I intentionally channeled the clean, well-designed storytelling skills of Alex Toth in my boards for The Hitcher.
The Hitcher was a box office success. Robert Harmon called me to board his next feature, Eyes of an Angel. I passed. It was a dark, nasty script with a dog fighting background. I’m really glad I didn’t take that gig. The dog fighting subject matter was incredibly distasteful. I heard later that the set on that film had the ugliest of vibes. I was told there were fights on set, as many of the crew tapped into and were affected by the set’s and story’s mean atmosphere. The film was released direct to video, making The Hitcher Robert Harmon’s first and only theatrically released feature film.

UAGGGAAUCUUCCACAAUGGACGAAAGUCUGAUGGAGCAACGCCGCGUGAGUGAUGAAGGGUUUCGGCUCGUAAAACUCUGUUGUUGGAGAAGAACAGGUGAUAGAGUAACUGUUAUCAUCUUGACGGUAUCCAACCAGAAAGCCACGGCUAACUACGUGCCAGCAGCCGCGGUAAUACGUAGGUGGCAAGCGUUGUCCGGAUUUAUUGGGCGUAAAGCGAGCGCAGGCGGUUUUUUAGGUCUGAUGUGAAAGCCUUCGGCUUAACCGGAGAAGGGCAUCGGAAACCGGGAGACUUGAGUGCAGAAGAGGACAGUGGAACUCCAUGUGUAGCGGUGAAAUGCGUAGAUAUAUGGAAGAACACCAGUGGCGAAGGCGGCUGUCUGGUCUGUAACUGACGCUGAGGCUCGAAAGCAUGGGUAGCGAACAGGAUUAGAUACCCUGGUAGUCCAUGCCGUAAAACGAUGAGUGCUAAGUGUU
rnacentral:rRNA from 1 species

I recalled the sage advice of director George Pan Cosmatos when he told me, “Getting your first film to direct is easy — it’s the second one that’s hard. With your first film, you could be the next Steven Spielberg. After you’ve made it, there is now visual proof that you either are or are not the next Spielberg. If you did well, your second film comes relatively easily. If you did not, you probably will never get another chance to direct.”